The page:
Chapter Two: A Long Day in Mumbai
It was broad daylight when we arrived at the train station. Chhatrapati Shivaji Terminus is located in a bustling but not entirely upscale sector of the city, and its Victorian Gothic architecture springs out of the clamor and dust of the busy streets, providing a drastic contrast. We walked directly to the baggage storage where we found a weeping woman, a baby sleeping on the counter, and a tiny old man with a large stack of used luggage tags in his hand. We indicated that we would like to leave our suitcases and he handed us two soiled luggage tags with the instructions "take to the police."
We wandered around for a bit and finally found the police at the entrance who "scanned" our bags (I don't think it was actually a working machine), stamped our tags a few times, taped the zipper closures and then signed over the tape. By the time we got back to the storage there was a long line of Indians waiting, and it took us about an hour to complete the process. Very hungry and frustrated, we opened the Lonely Planet to locate a tourist-friendly place to eat lunch and ended up at Cafe Leopold, what seemed to be a perfectly kosher place for Westerners. However, after a trip to the restroom where I saw all kinds of unpleasantries, I opted for french fries without ketchup and a can of diet Coke. By this point the heat was building, the sleep deprivation was increasing, and my patience for dirt and chaos was at an all time low. Good thing our next move was to wander the streets of Mumbai looking for a cheap hostel no one had ever heard of.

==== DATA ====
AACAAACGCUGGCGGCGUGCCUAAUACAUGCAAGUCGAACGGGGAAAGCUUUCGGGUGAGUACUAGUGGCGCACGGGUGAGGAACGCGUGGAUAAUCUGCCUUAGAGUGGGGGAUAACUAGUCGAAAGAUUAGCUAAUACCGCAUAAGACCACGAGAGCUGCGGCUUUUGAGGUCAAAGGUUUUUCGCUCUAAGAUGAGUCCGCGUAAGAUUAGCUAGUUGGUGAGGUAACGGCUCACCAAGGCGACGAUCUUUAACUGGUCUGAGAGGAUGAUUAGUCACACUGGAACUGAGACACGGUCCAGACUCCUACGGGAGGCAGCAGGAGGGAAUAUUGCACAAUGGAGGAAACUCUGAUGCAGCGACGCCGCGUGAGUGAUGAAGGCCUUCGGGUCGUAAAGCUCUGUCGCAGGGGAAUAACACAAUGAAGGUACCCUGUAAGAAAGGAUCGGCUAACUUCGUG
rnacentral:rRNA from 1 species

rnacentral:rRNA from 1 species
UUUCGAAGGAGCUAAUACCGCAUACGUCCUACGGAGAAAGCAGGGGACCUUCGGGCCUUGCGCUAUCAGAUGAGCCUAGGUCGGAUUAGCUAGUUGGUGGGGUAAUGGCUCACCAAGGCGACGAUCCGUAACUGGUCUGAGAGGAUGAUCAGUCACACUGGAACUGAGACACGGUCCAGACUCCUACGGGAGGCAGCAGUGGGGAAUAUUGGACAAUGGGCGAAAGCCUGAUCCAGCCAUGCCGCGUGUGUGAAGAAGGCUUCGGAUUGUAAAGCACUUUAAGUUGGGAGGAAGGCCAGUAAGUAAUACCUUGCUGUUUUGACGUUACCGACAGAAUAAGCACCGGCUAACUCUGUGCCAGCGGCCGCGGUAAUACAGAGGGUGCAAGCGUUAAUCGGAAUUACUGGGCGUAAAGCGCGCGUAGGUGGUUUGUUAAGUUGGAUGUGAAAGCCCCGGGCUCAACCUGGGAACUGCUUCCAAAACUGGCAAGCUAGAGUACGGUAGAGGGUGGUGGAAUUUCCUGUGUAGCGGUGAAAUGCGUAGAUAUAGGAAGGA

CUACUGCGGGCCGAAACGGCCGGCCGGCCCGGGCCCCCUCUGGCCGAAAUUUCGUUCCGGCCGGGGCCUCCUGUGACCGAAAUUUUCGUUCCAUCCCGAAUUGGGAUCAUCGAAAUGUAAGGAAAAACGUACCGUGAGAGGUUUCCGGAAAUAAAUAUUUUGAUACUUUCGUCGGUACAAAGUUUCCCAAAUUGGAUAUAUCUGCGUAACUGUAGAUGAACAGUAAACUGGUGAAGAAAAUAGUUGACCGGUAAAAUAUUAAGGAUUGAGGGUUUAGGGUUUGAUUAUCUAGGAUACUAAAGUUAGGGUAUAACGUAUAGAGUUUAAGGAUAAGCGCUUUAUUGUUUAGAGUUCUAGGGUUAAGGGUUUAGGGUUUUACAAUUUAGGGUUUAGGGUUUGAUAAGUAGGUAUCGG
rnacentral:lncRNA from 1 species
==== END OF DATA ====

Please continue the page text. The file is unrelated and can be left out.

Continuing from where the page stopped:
We spent the next few hours in the back seat of an old taxi trying to convince the driver to follow our directions. He didn't listen, of course, and instead, we stopped every five minutes to consult his "friends" who provided varying and ultimately incorrect advice about where the hostel could be. We saw plenty of the Mumbai neighborhoods and their inhabitants as we drove around in circles, and for that reason alone it might have been worth it.
I was stunned by the Mumbai streets. First because they are so full of life and energy, and second because they are full of so much visible poverty. Naked children running in the streets, families of five or six living in one room visible to passers-by for lack of doors, flatbed carts serving as beds along the roadside, white cows lounging in the gutters. If acquainted with the third world, one may not be surprised by such a menagerie, but this was my first real exposé.
Since I was India-street-food-phobic in Mumbai, I was treated to a lunch at the Taj Mahal. It was absolutely delicious, and photogenic. The gold-encrusted walls of the Taj were more than a stark contrast to the dusty streets we walked in from.
We spent a few more days in Mumbai in the sweltering heat and then moved on to Delhi. I didn't much like Mumbai then, but looking through my photos, I can't wait to go back and explore the city again.